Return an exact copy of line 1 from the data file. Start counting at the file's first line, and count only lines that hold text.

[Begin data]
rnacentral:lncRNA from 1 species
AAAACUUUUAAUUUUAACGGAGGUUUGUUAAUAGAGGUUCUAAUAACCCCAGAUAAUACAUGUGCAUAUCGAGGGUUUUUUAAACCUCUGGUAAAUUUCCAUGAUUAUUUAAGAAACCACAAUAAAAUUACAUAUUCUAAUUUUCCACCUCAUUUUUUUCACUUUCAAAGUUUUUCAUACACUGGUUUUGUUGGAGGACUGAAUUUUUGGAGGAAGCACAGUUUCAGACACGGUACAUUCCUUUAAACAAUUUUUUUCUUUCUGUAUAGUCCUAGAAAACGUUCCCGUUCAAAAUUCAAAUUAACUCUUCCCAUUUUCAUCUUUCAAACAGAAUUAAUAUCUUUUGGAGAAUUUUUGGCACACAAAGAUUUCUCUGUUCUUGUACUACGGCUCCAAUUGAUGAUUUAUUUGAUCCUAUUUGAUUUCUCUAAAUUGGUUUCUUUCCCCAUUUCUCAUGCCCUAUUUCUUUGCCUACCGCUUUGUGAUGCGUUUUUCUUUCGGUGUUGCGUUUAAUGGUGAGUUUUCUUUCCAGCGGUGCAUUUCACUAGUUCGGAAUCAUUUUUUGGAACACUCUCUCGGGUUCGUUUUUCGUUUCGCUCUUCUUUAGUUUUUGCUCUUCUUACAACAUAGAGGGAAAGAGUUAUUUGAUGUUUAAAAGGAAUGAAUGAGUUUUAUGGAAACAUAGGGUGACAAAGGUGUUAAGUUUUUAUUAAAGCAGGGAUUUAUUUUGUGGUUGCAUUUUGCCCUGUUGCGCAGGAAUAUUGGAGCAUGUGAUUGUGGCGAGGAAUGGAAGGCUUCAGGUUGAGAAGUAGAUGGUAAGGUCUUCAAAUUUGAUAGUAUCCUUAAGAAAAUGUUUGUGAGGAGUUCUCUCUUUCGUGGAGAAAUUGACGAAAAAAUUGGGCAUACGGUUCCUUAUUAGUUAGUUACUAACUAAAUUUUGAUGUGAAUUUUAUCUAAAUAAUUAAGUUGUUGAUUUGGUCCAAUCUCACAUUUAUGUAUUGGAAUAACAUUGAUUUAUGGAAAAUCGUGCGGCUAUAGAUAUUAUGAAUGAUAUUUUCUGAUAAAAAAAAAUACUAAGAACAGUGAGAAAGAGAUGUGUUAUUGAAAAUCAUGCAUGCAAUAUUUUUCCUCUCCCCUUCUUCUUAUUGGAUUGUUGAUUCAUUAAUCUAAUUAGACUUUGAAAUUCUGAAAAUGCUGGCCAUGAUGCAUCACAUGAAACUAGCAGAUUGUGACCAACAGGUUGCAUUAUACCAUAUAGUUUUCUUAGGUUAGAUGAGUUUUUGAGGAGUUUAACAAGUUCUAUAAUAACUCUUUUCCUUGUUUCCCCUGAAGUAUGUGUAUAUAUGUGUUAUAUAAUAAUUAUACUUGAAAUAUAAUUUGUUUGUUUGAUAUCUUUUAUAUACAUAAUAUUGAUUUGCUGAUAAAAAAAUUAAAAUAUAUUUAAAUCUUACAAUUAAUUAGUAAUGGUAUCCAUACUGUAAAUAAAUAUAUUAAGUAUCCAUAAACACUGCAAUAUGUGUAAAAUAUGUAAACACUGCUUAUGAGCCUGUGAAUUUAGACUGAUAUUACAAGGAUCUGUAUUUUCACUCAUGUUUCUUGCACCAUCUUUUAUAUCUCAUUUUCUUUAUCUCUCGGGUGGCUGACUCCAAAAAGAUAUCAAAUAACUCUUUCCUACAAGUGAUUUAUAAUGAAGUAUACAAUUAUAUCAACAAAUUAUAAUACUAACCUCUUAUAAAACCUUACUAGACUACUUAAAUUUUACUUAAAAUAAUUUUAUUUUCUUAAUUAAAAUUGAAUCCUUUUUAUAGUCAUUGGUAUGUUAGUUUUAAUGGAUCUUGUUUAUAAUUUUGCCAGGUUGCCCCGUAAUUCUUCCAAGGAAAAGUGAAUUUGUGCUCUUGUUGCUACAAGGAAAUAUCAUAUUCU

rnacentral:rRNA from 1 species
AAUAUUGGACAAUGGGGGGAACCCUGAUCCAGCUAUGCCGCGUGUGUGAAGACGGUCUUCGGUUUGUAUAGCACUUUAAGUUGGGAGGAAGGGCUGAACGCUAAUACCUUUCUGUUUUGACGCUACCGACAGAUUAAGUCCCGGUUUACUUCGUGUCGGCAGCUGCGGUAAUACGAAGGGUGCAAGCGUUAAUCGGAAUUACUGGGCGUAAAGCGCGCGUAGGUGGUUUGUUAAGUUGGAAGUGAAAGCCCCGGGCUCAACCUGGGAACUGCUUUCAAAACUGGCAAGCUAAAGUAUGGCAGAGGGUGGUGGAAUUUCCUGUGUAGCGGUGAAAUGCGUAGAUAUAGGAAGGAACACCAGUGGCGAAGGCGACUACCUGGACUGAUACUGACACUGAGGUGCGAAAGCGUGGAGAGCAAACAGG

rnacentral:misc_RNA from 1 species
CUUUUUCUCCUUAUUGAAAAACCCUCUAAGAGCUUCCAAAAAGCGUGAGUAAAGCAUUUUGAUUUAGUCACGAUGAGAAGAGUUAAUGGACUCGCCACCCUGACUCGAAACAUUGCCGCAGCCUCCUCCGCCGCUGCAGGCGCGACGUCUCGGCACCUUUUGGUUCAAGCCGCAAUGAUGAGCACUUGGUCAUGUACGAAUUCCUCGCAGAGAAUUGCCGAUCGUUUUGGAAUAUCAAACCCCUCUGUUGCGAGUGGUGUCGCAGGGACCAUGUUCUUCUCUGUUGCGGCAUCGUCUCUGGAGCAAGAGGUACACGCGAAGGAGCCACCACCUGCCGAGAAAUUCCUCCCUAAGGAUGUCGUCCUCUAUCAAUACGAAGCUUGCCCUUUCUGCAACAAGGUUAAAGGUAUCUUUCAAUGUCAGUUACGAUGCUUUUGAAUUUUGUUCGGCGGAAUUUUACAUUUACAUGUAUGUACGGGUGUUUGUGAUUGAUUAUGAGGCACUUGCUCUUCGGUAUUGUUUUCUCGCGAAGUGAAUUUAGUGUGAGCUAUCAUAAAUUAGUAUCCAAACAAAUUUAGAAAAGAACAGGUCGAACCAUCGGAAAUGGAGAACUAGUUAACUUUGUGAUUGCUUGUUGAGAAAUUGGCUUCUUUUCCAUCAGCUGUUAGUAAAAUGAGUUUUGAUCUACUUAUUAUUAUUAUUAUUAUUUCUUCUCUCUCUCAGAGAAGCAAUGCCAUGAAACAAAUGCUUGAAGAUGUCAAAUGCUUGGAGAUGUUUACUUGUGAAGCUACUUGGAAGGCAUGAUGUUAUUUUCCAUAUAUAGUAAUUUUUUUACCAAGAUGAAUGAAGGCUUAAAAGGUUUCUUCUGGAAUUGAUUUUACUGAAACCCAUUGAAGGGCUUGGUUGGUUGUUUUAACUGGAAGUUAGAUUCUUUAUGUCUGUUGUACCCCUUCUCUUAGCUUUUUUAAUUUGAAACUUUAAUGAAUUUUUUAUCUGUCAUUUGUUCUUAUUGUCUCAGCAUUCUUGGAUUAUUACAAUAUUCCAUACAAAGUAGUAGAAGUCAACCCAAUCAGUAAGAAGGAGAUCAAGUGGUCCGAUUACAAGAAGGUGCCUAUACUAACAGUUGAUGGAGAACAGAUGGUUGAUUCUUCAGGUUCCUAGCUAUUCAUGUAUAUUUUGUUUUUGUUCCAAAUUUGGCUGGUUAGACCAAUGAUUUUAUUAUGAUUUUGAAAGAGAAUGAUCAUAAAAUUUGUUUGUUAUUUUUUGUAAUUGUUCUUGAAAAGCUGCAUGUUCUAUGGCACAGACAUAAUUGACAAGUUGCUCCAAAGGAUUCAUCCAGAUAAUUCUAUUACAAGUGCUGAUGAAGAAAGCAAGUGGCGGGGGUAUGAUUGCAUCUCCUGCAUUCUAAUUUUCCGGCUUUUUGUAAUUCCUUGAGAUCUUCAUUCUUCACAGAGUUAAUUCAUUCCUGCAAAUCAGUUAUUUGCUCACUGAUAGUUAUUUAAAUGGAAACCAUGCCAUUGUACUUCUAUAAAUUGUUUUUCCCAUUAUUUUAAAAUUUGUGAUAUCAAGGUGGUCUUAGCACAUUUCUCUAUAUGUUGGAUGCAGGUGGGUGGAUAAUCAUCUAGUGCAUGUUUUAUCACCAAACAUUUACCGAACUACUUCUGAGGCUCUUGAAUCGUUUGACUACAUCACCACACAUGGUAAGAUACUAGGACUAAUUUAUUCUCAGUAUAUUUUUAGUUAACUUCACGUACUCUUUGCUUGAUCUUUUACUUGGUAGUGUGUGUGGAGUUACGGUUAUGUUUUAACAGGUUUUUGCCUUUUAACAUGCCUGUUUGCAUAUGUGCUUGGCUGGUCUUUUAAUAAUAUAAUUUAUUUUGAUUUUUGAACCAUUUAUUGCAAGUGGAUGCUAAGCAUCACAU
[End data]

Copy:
rnacentral:lncRNA from 1 species